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A cautionary concordance plot tale

In my previous post I addressed how to produce a view of many concordance plots at once, and presented concordance plots for twelve vocatives which are indicative of social class in Shakespeare and a larger reference corpus of Early Modern Drama.

After double-checking all the concordance plot files using a hand-numbered master sheet, I normalised the files using the command convert plot*.jpg -size 415x47! plot*.jpg (on the off chance that any files weren’t ultimately the same size), created a new folder of the normalised files, and pulled out the examples which matched the numbers I had for Shakespeare’s plays for further analysis. I hadn’t addressed titles, as I wasn’t really aiming to look at individual authors, so each file is named plot1, plot2, plot234, etc. I went on to compile the results for these plays, felt confident about the fact that I had isolated Shakespeare, and wrote up my previous blog post.

This morning I had a nagging thought: What if those weren’t Shakespeare’s plays? After all, I had broken my #1 rule about using computational methods – assuming that everything at every step of the process worked the way I thought it did. I am probably a self-parodying pendant when it comes to computational methods, because when something goes wrong at some stage in the coding process it may *never* be visible or even noticed in the final output, and this gives me reason to seriously distrust automated processes for analysis.

Ultimately, I decided I would double-check the plays I had deemed to be “Shakespeare”’s. Even though I hadn’t done much automated processing with the image files, I had assumed that the normalisation process would only change the file names to represent a modified version: so that plot10 would become plot0-10, plot 11 would become plot0-11, plot234 would become plot0-234. I had assumed the information in these files wouldn’t change, and the names would correspond to the original files.

This was not true. Instead, I had isolated a very nice sample of 36 plays which I thought matched Shakespeare’s plays in numbering, but turned out to be sampled from throughout the corpus. Matching the sampled “Shakespeare” concordance plots to the master document of concordance plots, I found that I had at least one Middleton play and at least one Seneca play in addition to some (but not all) Shakespeare plays.[1] At this point I was worried, so I re-created Shakespeare’s concordance plots from the master document of concordance plots. By redoing the concordance plots, I could guarantee that these were at least all Shakespeare’s plays in the first instance. Then I normalised them again for size, and went back to see what happens in that process. The first files were a perfect match, as I had hoped. But once I moved to the second concordance plot, I was in trouble.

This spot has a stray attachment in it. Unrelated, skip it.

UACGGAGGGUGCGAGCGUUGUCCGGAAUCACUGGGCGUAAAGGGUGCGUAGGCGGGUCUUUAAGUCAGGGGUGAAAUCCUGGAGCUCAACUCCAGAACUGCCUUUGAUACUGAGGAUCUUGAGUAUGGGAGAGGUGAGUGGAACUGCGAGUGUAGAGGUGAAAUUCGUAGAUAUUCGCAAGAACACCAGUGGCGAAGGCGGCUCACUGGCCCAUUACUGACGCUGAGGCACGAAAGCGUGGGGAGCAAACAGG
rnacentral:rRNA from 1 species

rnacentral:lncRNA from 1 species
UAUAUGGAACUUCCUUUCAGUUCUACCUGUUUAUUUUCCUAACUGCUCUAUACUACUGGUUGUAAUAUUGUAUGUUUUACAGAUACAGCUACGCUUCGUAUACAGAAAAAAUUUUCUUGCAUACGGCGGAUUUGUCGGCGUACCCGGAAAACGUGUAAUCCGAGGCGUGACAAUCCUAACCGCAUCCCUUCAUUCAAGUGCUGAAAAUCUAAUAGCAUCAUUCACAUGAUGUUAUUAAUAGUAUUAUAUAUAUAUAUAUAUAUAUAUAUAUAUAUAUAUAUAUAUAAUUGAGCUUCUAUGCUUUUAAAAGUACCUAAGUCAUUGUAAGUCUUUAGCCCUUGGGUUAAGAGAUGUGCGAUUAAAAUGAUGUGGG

Below is an image showing the unmodified concordance plot for The Taming of the Shrew (shx2), outlined in red and on the top left-hand side.The other eight concordance plots in this image are normalised for size, and even without great detail you can tell that none of these match the original file. You don’t even need to see the whole image to see this:

Screen Shot 2015-02-26 at 3.26.03

In other words, as I had suspected, the names of the normalised files didn’t correspond to the original file names, though they were all there.[2] More worryingly, I hadn’t caught it because I had assumed that the files were fine after running a process on them. The files produced results, and if I hadn’t double-checked (really, at this point, triple-checked), I wouldn’t have caught this discrepancy.

So what do concordance plots for Shakespeare’s plays look like in composite for the vocatives attached to a name in a bigram (reminder of search terms: lord [A-Z]|sir [A-Z]|master [A-Z]|duke [A-Z]|earl [A-Z]|king [A-Z]|signior [A-Z]|lady [A-Z]|mistress [A-Z]|madam [A-Z]|queen [A-Z]|dame [A-Z]) look like? Well, surprisingly, not so different from the sample curated previously, which may be less indicative of a specific authorial style:

average_page

Remember, we read these from left to right; now there’s a lot of use of vocatives in the very beginning of the plays, which stay quite strong near the rising action until there’s a relative absence just before and around the climax and the start of the falling action. Curiously, the heavy double hit || towards the end is still very visible, as well as a few more dark lines leading up to the conclusion. In some ways, the absence of these vocatives is almost more consistent, and therefore the white bits are more visible.

In the meantime I’m having a fascinating discussion with Lauren Ackerman about how to best address pixel density and depth of detail (especially in the larger EM play corpus), so maybe there will be a third instalment of concordance plots in the future.

[1] Seneca’s plays were published in the 1550s and 1560s, which is why they are included in this data set of printed plays in Early Modern London.